Most of my chickens experienced a light molt this fall, went through their awkward stage and are back looking shiny and new. However, a few of the girls are molting later than I’d like this year. Thankfully, they’re molting lightly and don’t seem to be bothered by their patches of spotty growth.
That is, except for Olivia. She’s undergone the worst molt of the bunch and has been looking downright scruffy for awhile. I didn’t realize until this week that the poor girl is half naked! Brrrrr. It’s the week before Christmas! When I saw her shaking and standing on one leg, I picked her up. Her top half is made up of old feathers and new, tiny ones that are coming in. Because of this, I thought she was on the mend from her molting. But her whole underside? Just tiny little sprouts of new feathers there with lots of skin showing through. No wonder she’s cold.
I’m too much of a softy when it comes to the chickens and I couldn’t just leave her out there shivering to a slow, miserable death. So, inside she came. Into the toasty, 68 degree living room (in a crate), to warm up. It took her almost an hour to quit shaking and stand on both legs. In that time, she warmed up, but the outdoors didn’t.
So, I made an executive decision and looked up the pattern for a fleece sweater from the Hen Rescue people, grabbed some black fleece (hoping to have it blend in and not cause pecking by the other girls), some velcro, a tape measure (yes, she got a custom made garment) and some scissors. Fortunately, the pattern is a NO sewing one (because I’m terrible at it) and I had a toasty warm cover for Olivia with about five minutes of effort.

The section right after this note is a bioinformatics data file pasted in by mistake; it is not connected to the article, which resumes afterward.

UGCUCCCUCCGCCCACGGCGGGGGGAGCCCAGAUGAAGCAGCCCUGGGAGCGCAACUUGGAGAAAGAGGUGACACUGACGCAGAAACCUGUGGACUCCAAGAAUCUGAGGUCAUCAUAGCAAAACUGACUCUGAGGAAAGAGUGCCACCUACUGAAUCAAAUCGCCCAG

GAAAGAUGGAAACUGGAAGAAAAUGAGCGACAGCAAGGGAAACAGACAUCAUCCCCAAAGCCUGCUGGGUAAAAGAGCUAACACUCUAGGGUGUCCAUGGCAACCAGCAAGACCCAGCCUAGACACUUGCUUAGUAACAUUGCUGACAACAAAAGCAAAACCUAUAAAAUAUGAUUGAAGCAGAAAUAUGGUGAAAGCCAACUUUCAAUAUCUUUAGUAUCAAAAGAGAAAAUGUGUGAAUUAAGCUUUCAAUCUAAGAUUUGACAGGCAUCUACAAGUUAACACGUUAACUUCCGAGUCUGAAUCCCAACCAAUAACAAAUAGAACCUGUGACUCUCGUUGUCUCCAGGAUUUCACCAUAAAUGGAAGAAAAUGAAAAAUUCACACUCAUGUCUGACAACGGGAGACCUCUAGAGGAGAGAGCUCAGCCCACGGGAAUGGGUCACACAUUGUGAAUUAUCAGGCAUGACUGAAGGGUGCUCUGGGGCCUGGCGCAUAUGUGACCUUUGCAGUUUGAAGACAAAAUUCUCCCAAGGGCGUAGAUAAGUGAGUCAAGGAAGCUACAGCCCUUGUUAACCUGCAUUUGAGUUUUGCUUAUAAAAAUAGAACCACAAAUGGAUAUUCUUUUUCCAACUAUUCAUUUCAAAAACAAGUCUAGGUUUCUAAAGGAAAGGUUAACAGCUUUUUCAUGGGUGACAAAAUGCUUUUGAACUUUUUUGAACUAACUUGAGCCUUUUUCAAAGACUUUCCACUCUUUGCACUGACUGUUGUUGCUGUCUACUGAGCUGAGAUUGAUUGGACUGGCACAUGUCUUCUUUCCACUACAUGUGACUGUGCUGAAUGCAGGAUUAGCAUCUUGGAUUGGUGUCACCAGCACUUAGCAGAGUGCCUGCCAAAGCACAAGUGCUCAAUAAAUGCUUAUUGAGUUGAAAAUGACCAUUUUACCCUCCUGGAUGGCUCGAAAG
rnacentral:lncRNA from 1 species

However, the making of the garment went much smoother than the intial trying on and fitting. In short, Olivia freaked out having the fleece on. It threw her whole system out of balance, and she (apparently) didn’t think her wings had enough flap room. It distressed her to no end.
So, off the sweater came. I cut in around her wings and cinched it up between her shoulder blades. And back on it went. She still didn’t love it and wobbled a bit when she walked, but it seemed more do-able. I took her back out to the coop and bribed her with chicken candy (cracked corn) to help her practice flying up and down from the roost in the chicken run. Not as graceful as usual (she’s my smallest hen and best flier under normal circumstances), but no major crashes.
Neither her nor the other hens picked at the fleece one bit. It doesn’t even seem that the others even notice it. I had to help her get up on the coop roost (which is higher than the run roost) that night after several failed attempts on her part. I wanted to be sure she was snuggly wedged in her normal spot between two bigger birds, and not stuck off somewhere by herself, so I helped her out.
The next morning, I picked Olivia up and she was warm. Yay. She was walking better and seemed less baffled by her new threads. By the second evening, she was able to get up on the roost without help.
Believe me, I’ve NEVER in a million years thought I’d be making sweaters for my chickens! But a five-minute, almost free solution to a freezing, bald chicken gave me a change of heart. Olivia might not be thrilled about the coat, but she’ll thank me some day. Well, maybe not…but I’m relieved and she’s warm. That’s good enough for me.